The value of time

The other day, Baby T2.0 turned 3. It’s a little hard to believe that she has been a part of our lives for 3 years already. 3 years seems so short but at the same time, it feels like she has been with us for an eternity already. It’s really weird to have such contradicting feelings.

When I look back at what we have accomplished financially over the last 3 years, I can’t be more proud of ourselves.

  • Our savings rate grew consistently every year for the past 3 years.
  • Our household income has increased consistently every year.
  • We maxed out our TFSAs for all 3 years.
  • We maxed out our RRSPs for all 3 years.
  • We added money to our taxable accounts for investment for all 3 years.
  • In 2015, we received $10,318.02 in dividend income; in 2018, we received $18,734.29 in dividend income. That’s an increase of 81.57% in 3 years or an average of 27.19% each year.
  • Our net worth grew by 53% over the course of 3 years. That’s an average of 17.67% each year!

Financial accomplishments were great, but we also created a lot of unforgettable memories together in the last 3 years.

If you’re like me, you probably measure 10 years as a very long time. That’s why I’ve previously stated: don’t look back in 10 years and regret that you’ve done nothing with your life. However, we are looking at 10 years from an adult’s point of view. If you are a 3-year-old girl, you probably won’t have a clue what 10 years mean. To a 3-year-old girl, 3 years is an eternity, because that’s all of your life! Similarly, 1 year is also a long time for a 3-year-old because it’s a third of her life.

As we grow older, I think some of us may have forgotten to value and appreciate time. We forget that a second is the same amount of time for you, me, a 3-year-old, a newborn baby, and a 90-year-old. An hour is an hour, a week is a week, and a year is a year, for all of us. Time is the same, regardless of our age.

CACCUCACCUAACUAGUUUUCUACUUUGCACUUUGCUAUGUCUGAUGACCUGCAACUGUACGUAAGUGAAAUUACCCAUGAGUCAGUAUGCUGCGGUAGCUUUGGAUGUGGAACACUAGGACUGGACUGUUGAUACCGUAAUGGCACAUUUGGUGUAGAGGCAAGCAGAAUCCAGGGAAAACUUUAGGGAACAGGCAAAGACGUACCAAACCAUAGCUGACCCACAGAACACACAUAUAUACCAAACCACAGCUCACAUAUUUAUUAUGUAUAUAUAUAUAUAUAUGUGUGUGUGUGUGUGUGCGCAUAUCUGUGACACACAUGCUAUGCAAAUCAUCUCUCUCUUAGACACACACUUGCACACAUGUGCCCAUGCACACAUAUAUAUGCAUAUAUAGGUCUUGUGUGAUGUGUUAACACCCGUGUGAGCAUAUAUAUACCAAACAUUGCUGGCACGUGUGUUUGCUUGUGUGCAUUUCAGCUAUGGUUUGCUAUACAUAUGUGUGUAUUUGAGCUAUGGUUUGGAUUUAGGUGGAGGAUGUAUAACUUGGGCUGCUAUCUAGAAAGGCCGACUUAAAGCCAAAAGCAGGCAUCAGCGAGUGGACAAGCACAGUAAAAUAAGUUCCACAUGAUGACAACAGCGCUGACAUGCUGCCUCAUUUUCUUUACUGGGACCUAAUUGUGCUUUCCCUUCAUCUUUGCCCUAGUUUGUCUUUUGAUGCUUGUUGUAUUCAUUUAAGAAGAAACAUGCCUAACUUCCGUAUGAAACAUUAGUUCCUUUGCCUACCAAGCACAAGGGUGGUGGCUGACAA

Therefore, we need to value time. We need to appreciate time.

Rather than wasting away hours each day thinking that you can start something new and challenge yourself tomorrow, start challenging yourself today. Start treating each day as the last day of your life and start making every second of your waking hour count. Make a difference with your time.

Because when you’re lying on your deathbed, you don’t want to look back at your life and regret that you had wasted your precious time instead of using that time for something meaningful.

So don’t forget to take a few seconds to give your loved ones a kiss today when you see them. Don’t forget to take the time to thank people that have helped you. Don’t forget to take a few minutes of your own time so you can be yourself. Put that phone away and take a few minutes to reconnect with people.

And of course, don’t put off those important financial tasks to the next day. Do you not have a will, but have dependents? Schedule an appointment with a lawyer to draft up your will. Overwhelmed in debt? Take the time to figure out how to tackle your debt, perhaps by consulting with someone. Don’t know what the heck you are doing with your investments? Perhaps schedule a meeting with a financial adviser.

I’ll end this short blog post with this question that I typically ask my coaching clients:

What are your short term, medium term, and long-term goals?

For me, my short-term goal is to max out our TFSAs and RRSPs each year and continue to add money to our taxable accounts. My medium-term goal is to have our dividend income covering our annual expenses. My long-term goal is to travel around the world and live in different countries for an extended period of time.

What are your short term, medium term, and long-term goals? Are you setting up your goals so that you are valuing your time?

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8 thoughts on “The value of time”

  1. Time is certainly wasted on the young. My kids have absolutely no concept of time, and it frustrates me to no end sometimes… but my main goal right now is just to spend time with them.

    In 12 years our oldest will (probably) be off to college. That doesn’t feel like a whole lot of time to spend with them, but I’m going to try to make every second count.

    • Yea kids don’t value time as much as we old(er) folks do. I certainly didn’t value time as much when I was younger. It’s a life lesson I think.

  2. It’s always great to be proud of one’s accomplishments. It’s even better to be humble rather the follow the current narcissistic culture we’re living in and brag.


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